Holy cow, how the HECK did it get to be December? 2013 is almost bye bye!

November was a whirlwind of stress (both good and bad) and activity (work and racing). I had the Vegas Rock n Roll half marathon, and then exactly 6 days later I would be flying out to the Big Island of Hawaii for a mellow Thanksgiving getaway with Hubby.

Work was crazy insane (as it usually is in November). I also managed to get sick the week before Vegas Rock and Roll. My training for Vegas had taken backseat to other things, and I took it easy the week I was sick. I originally hoped to make this a big PR race but my training was non-existent so I just decided to not have a goal time and just enjoy the race.

I mean, enjoy as much as moving 13 miles can be.

I flew out Friday after work and was the first of my friends to arrive in Vegas. I was trying to contain my excitement at our decision to splurge and stay at the Cosmopolitan as I have been OBSESSED with this hotel since they opened. I love their quirky ad campaigns, and the first time I stepped into the magical casino with strands of crystals engulfing the ceiling and walls, I knew I wanted to be at this sparkly wonderland.


I went to register and the woman at the front desk said, “I apologize. We are overbooked for the night.”

Um, say what?

“What? “ I said calmly, “I paid for the room in full. How can this be?”

She apologized profusely and went to talk to the manager. The manager came up to me and apologized again and said they would comp me a room at the Palazzo for the night, and have a car take me there and pick me up Saturday to check into the Cosmpolitan.

Well, a free night? Sounds good to me.

I texted my friends Laree and Nancy to let them know to cab it to the new hotel. I checked into Palazzo and went to my room. Whoa. It was huge! There was a large window in the living area with an amazing view of the Wynn’s golf course.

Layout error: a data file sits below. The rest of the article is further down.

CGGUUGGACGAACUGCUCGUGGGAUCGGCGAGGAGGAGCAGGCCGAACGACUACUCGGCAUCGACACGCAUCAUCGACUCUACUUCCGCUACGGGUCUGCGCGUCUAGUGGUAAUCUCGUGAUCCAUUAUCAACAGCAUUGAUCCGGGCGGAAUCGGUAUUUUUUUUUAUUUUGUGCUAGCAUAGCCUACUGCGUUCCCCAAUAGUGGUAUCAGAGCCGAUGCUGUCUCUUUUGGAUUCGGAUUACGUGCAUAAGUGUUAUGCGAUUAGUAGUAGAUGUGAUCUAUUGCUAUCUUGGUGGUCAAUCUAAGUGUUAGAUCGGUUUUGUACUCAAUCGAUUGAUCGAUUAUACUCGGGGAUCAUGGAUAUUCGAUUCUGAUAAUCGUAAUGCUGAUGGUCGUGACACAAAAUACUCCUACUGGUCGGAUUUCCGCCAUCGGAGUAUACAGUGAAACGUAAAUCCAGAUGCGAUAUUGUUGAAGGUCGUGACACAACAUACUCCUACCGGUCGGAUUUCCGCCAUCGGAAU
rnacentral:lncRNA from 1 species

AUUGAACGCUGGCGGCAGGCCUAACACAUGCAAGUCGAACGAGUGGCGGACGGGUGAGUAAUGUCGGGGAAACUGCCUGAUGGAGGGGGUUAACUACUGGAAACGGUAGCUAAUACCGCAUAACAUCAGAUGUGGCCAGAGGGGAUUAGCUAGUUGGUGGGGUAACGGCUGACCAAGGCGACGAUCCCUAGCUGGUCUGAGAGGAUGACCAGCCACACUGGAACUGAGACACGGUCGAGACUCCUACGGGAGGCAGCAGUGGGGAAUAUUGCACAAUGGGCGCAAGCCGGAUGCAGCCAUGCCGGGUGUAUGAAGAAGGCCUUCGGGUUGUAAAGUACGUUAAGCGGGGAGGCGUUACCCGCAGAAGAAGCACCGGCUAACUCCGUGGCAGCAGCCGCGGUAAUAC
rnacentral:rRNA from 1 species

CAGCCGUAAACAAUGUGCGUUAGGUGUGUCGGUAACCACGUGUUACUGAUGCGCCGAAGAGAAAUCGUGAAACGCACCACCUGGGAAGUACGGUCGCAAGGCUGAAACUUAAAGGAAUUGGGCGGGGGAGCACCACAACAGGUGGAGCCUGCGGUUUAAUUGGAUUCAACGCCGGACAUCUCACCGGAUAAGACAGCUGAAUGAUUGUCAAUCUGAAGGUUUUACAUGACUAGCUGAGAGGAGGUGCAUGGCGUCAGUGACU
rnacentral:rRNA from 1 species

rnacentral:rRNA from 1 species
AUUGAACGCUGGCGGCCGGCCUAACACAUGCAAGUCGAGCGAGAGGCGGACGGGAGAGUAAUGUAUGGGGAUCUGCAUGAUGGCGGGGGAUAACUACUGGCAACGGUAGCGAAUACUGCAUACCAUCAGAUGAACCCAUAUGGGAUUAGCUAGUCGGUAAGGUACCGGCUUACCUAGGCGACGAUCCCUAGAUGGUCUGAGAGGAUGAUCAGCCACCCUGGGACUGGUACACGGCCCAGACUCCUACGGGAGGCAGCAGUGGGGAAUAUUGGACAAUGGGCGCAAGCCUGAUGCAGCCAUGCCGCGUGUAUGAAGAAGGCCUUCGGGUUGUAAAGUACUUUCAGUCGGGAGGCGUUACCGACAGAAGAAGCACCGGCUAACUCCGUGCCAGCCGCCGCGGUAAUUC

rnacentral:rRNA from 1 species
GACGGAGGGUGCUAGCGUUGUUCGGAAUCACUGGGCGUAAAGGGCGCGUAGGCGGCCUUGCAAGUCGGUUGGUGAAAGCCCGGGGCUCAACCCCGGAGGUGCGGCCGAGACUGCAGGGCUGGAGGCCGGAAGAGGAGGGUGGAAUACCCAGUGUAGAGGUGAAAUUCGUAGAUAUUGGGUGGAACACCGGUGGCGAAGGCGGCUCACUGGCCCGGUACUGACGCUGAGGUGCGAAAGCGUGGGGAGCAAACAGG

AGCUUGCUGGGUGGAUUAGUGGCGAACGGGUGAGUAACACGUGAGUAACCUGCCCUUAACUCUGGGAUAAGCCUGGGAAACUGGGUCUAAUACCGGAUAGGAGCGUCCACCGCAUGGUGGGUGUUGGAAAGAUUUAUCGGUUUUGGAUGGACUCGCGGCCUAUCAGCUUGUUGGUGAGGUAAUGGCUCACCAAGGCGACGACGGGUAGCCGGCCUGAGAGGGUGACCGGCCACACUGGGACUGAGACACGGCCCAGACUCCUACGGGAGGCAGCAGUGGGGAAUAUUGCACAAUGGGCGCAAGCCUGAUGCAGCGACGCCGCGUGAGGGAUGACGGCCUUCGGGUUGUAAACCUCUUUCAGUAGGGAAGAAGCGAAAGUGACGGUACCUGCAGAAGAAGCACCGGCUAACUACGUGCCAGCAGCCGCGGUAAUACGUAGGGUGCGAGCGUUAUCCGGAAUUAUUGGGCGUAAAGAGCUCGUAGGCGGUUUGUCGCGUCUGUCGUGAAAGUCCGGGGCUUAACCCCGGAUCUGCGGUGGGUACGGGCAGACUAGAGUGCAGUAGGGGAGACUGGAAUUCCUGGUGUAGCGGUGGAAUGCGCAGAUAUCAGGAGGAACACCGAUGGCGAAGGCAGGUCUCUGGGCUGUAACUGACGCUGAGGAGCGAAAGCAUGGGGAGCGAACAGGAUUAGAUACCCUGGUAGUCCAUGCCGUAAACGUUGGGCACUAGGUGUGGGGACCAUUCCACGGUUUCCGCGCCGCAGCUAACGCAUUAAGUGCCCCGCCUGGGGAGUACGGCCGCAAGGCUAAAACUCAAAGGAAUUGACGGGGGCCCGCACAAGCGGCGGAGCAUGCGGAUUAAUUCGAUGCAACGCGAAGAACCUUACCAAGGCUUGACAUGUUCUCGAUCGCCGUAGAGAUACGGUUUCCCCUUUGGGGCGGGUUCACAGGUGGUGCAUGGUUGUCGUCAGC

My friends arrived at the room and we headed out for dinner and did some dancing at an 80s themed club at the Venetian hotel. It was upper fun and lacked the annoying pretention for some of the other mega Vegas clubs (i.e., no bottle service and private tables). We woke up at 7 the next morning and walked over to packet pick up. The new hotel location was actually closer to packet pickup for the race.  We spent a couple hours at the Disneyland like expo, grabbed some lunch at the Wynn and headed over to the Cosmopolitan to check in. The front desk employees were very friendly and apologized again for the inconvenience and upgraded us to the Bellagio Fountain room.

Well, if you insist…


Finally we were in our room, and I was so excited! The rooms are decorated in a funky, simple yet modern way. We had a private terrace on the 38th floor that overlooked the strip and the Bellagio fountains.  I have to give props to the Cosmopolitan for the amazing customer service. They even brought up a complimentary plate of fruit and waters after we checked in. That night we headed to a show (rhymes with Blunder from Frown Slumber) which was HILARIOUS! We headed back to our room to get some sleep before the race. This is my third time doing Vegas RNR and 2nd time doing it since they switched it to the night. I love night runs as you get to sleep in and have some time for pre-race nutrition.  We decided to buy tickets for the race breakfast buffet which was a good idea. It was pretty bland and simple—eggs, toast, fruits, cereals and I definitely made better choices than if we decided to go to a regular brunch buffet in Vegas.

We chilled in our hotel room and finally it was time to head over to the race. I figured that because this was a throw away race for me, may as well break some basic racing rules. Such as, new shoes. I had worn my new shoes exactly two times before the race. Fortunately it was my trusted Asics model and did not give me any problems. I also tried some new compression tights for the first time. I threw a pink tutu over them and was ready to rock. The weather was fantastic as we waited for our corral to go off. In spite of being sick all week, I was surprised at the amount of energy I had race day.  The Vegas RNR half marathon is super fun. It’s a flat course, and the strip is all lit up at night.  I finished in 2:25. Not too bad considering my longest training run was 9 miles and was almost 8 weeks before the race. And it was only 4 minutes slower than last years event.  My friends rocked the race and it was LaRee’s first half!  We headed back to our hotel, showered and ate a fantastic meal at a Chinese/Mexican fusion restaurant at our hotel called China Poblano.  I woke up the next morning at 5;30 am and flew back to San Jose to go to work.  Later that afternoon while I was prepping for a meeting I thought to myself, I was in Vegas this morning. How weird is that?